Rod (Ryan Agoncillo) is a branch manager for a bank that’s going through a merger. He’s informed that his branch is being closed, and that he’s to be transferred to Isabela, into a position that calls for more work for the same amount of pay. He resigns in protest, but hides the truth from his wife Mia (Judy Ann Santos) while he looks for another job. The job search takes longer than he expects, and Mia eventually finds out. Soon, Mia takes a standing offer to work at an insurance firm, and Rod is left at home to deal with the household. The two tangle with the challenges of their new roles, putting a strain on their relationship.
The story is safely grounded in reality, the film fully fleshing out the details of the couple’s situation. Most films would have been satisfied with some sort of comedic misunderstanding pushing Rod to resign. This film takes the time to fully explain what exactly is going on, and it does so with the intention of creating a fully relatable experience. The concerns of the middle-aged professional are perfectly recreated within the film, Rod’s dilemma never seeming anything less than reasonable. Even the broadest characters feel grounded in reality, their quirks firmly based on a keen sense of observation.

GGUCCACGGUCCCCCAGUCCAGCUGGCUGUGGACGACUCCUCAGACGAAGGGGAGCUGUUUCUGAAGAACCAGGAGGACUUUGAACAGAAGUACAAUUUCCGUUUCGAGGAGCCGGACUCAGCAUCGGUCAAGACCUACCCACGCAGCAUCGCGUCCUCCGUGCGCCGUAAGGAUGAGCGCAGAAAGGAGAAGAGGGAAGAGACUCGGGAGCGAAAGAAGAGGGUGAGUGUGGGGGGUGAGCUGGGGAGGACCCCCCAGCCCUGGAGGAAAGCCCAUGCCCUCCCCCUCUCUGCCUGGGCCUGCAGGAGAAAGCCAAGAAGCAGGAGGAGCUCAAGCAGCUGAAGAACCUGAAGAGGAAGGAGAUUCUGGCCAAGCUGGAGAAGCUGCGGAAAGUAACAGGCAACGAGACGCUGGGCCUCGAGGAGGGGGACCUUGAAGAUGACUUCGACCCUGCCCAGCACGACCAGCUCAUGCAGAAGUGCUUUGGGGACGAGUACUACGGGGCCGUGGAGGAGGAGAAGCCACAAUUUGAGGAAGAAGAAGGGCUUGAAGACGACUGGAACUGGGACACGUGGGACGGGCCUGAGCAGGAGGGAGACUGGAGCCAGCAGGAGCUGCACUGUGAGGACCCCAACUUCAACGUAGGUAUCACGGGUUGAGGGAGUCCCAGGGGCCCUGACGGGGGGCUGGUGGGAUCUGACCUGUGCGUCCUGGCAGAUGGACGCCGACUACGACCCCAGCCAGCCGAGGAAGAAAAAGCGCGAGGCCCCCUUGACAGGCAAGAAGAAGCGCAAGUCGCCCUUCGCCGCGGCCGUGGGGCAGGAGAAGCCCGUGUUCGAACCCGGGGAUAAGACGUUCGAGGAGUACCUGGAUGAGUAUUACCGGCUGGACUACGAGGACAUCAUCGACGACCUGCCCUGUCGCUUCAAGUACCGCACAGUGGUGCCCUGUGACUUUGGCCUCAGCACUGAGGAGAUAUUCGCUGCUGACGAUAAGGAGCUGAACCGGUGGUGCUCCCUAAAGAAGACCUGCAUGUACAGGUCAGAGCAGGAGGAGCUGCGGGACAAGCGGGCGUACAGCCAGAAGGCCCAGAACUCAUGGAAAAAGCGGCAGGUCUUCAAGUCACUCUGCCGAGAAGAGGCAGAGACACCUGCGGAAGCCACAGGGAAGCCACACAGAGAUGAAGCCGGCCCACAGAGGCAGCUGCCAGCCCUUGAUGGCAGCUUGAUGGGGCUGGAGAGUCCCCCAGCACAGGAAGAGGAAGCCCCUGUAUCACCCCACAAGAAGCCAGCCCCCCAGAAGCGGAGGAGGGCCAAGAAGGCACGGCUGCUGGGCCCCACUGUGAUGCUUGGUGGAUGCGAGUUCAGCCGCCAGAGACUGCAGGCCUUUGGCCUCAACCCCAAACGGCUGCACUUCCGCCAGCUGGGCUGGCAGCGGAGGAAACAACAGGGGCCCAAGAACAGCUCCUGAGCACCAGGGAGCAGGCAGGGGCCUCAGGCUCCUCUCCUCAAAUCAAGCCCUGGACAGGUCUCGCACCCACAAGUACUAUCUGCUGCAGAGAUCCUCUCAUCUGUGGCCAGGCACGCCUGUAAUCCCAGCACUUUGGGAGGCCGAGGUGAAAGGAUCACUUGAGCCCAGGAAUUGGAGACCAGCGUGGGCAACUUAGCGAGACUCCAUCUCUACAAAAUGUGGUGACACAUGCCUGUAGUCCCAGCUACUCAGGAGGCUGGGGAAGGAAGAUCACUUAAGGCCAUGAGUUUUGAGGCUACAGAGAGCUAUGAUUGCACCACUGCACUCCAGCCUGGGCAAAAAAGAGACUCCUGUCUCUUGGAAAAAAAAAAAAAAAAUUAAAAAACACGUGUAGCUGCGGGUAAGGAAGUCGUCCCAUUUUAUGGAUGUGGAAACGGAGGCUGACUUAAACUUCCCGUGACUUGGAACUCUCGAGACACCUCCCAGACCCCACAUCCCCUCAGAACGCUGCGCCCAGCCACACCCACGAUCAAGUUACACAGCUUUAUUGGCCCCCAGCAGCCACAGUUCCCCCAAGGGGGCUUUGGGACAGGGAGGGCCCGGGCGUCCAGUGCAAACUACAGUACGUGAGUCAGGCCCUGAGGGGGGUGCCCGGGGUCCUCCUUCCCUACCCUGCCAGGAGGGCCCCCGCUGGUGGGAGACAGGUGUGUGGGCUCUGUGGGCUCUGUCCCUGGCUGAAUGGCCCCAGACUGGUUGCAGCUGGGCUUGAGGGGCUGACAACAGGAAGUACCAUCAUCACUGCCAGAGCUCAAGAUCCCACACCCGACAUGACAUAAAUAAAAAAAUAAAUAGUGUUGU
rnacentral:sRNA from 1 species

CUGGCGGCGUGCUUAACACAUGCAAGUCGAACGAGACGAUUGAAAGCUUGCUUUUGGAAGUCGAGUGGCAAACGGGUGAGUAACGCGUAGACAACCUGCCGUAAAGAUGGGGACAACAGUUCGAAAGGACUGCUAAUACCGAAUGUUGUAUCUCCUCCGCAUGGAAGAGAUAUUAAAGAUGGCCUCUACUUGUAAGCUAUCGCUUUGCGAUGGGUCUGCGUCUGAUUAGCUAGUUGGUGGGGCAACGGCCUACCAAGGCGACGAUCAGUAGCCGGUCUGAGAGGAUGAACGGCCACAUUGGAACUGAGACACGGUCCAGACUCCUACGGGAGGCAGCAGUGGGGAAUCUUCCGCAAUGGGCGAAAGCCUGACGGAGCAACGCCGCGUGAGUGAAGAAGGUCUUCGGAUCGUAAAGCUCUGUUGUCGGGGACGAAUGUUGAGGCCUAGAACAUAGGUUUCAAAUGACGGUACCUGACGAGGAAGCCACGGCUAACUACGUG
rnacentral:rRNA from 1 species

This attention to realistic detail gives the film its spark. The story plays out pretty much as one might expect, but the verisimilitude makes every moment cut closer to the bone. The laughs have satirical weight, and the drama all feels emotionally justified. The production, however, fails to keep up the illusion. It feels like the film rushed through its production, making the film looked frayed around the edges. The sound goes in and out, the edit is a little rough, and in one scene, the shadow of a boom mike can be clearly seen. This is unacceptable in a major motion picture.
Thankfully, the movie has something else going for it: Judy Ann Santos. She is still one of the finest actresses to ever grace our screens, and she makes it a little easier to forgive the film’s technical flaws. Like the film, she largely goes for what’s real, and offers up natural, familiar reactions to everything that she’s given. Ryan Agoncillo steps up his game, as well. Of course, there’s a natural chemistry between the couple, and that helps drive the movie as well. Eugene Domingo goes far broader than the two leads, but she still manages to bring it home when it counts.
The production flaws of My Househusband: Ikaw Na! are terribly disappointing. Its script is filled with keenly observed moments, and the acting is more than strong enough to make those moments sing. But the shakiness of the production is just too difficult to ignore. This is the Metro Manila Film Festival, and though the festival isn’t exactly renowned for its quality, the films should all be held to some standard. Still, the pleasures of the movie are quite real, and in the end, the quiet, unassuming honesty of this film makes it win out.